It is again the time for U.S. employers to begin considering filing H-1B petitions for prospective new foreign national employees. These petitions can be submitted to U.S. Citizenship and Immigration Services (USCIS) on or after April 1, 2016 for employment beginning no earlier than Oct. 1, 2016, the beginning of the government’s 2017 fiscal year. The H-1B visa category provides for the temporary employment of foreign nationals who will work in “specialty occupations,” or those jobs for which at least a bachelor’s degree in a particular field is required, such as engineers, teachers, accountants, and many professional information technology positions.. The problem is that there are only 85,000 H-1B visas available each year and we again expect, as in years past, for these numbers to be quickly claimed.

There is a limit, or “cap,” of 85,000 H-1B visas available each year: 65,000 for bachelor degree-level candidates and 20,000 for advanced degree graduates of American universities. However, we anticipate that the available H-1B visa numbers will again be exhausted within the first week employers are eligible to file new H-1B petitions. When this occurs, USCIS will conduct a computer-generated lottery to select which petitions will be accepted for adjudication. If a petition is accepted and approved, the foreign national employee will be eligible to receive an H-1B visa number and begin, or continue, working for his or her petitioning employer.

The limit of 85,000 H-1B visas is specific for potential employees initially seeking to acquire H-1B visa or status, and does not impact current H-1B employees. Accordingly, cap-subject individuals include those acquiring the H-1B visa or status for the first time, such as foreign (F-1) students changing to H-1B status and individuals abroad who plan to enter the U.S. for the first time using an H-1B visa.

Therefore, for employers and H-1B candidates who failed to get a visa number last year or who are waiting to apply this year, we advise them to be proactive and move quickly to ensure their H-1B petitions are prepared and ready to file no later than April 1, 2016.

Once the H-1B cap has been reached, no new petitions may be filed until the next fiscal year—April 1, 2017 for employment beginning Oct. 1, 2017. This can make both hiring and planning an employment start date difficult. Although employers can file petitions up to six months in advance of the requested effective date—which  makes the April 1 filing date so critical—the approved petition will not be valid until October 1. Thus, even though employers may file petitions on or after April 1 for the next fiscal year, the petition will not be effective until October 1.

Additionally, the H-1B cap particularly impacts F-1 students who have post-graduate work authorization—or Optional Practical Training (OPT). Generally, OPT is valid for 12 months, and in certain cases can be extended an additional 17 months for students who completed a U.S. science, technology, engineering or math (STEM) degree from a U.S. university. OPT also allows former students to remain in the U.S. and work while awaiting the filing or approval of an H-1B petition. Often these individuals’ OPT will expire before an anticipated October 1 start date, leaving them unauthorized to continue working. Fortunately, there is a “cap gap” remedy for foreign national employees who have an H-1B petition filed on their behalf. If, for example, an individual’s OPT expires on June 30, 2016, but this person has an H-1B petition filed before the expiry of their OPT and accepted by USCIS, then their work authorization is automatically extended to September 30. This allows the foreign national employee to continue working until the requested start date of the H-1B petition, or until the petition is denied or withdrawn. However, recent proposed revisions to this rule would extend STEM OPT to 24 months, for a total of 36 months of OPT; but presently this change is uncertain. In August 2015, the U.S. District Court for the District of Columbia vacated the existing STEM OPT rule, and currently the Department of Homeland has a Feb. 12, 2016 deadline to publish a new rule. At this point, we’re uncertain when or if the new rule will be effective.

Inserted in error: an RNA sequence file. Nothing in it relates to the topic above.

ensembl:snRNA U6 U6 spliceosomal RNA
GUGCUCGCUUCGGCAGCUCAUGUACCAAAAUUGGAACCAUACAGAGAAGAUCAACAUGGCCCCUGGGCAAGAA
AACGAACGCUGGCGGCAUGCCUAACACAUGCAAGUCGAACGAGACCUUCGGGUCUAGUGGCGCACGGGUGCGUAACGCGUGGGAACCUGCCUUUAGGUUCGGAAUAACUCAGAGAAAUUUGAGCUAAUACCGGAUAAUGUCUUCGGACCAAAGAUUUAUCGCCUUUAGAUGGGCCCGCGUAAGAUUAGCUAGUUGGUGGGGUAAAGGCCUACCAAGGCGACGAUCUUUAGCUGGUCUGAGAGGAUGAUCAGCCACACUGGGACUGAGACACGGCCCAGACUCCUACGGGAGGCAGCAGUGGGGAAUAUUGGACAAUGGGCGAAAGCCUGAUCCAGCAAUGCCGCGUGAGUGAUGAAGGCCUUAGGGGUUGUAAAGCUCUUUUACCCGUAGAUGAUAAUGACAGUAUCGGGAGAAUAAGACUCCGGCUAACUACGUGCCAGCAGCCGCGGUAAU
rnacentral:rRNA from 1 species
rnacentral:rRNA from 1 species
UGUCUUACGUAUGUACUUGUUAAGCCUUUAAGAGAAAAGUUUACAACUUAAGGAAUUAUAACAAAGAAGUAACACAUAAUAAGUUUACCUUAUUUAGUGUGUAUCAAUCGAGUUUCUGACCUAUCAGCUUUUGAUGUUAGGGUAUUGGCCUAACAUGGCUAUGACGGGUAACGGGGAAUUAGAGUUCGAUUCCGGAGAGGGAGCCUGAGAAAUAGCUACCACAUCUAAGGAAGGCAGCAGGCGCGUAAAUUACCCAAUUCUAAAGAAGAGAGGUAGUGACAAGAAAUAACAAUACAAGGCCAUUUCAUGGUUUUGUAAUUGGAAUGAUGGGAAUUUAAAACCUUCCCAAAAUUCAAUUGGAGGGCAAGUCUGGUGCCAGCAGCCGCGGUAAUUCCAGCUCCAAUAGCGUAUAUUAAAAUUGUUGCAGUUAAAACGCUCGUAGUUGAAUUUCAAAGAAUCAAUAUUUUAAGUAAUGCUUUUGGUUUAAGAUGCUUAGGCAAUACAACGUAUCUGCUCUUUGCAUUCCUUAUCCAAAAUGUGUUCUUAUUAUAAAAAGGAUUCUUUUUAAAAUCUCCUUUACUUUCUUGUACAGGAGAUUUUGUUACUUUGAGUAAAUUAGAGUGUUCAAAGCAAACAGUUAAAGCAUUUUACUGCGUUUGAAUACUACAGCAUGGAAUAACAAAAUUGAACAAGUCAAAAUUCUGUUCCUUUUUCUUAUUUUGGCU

Finally, in limited situations, other employment visa categories may be available for foreign workers in lieu of the H-1B. For example, Canadian or Mexican nationals may qualify for Trade Nafta (TN) status, which is available for professional engineers, accountants, scientists, lawyers, pharmacists and teachers; who have U.S. job offers and meet qualifying criteria such as having a degree, professional license or experience. The TN category does not have a numbers cap nor does it have a limit on the amount of time the worker can remain in the U.S. Australian professionals are eligible for E-3 visa status if they will work in a specialty occupation and have completed a bachelor’s degree or its equivalent, just like the H-1B category. Also, Singaporean and Chilean citizens are eligible for H-1B1 status, again if they will work in a specialty occupation and have completed a bachelor’s degree or its equivalent. In this category, 1,400 H-1B1 visas are available annually for Chileans, while 5,400 are reserved for Singaporean nationals.

For those H-1B cap-subject individuals, such as those currently abroad or who do not have valid OPT or H-1B status, they must first hope their H-1B petitions are accepted and approved by USCIS and then wait until October 1 before commencing employment.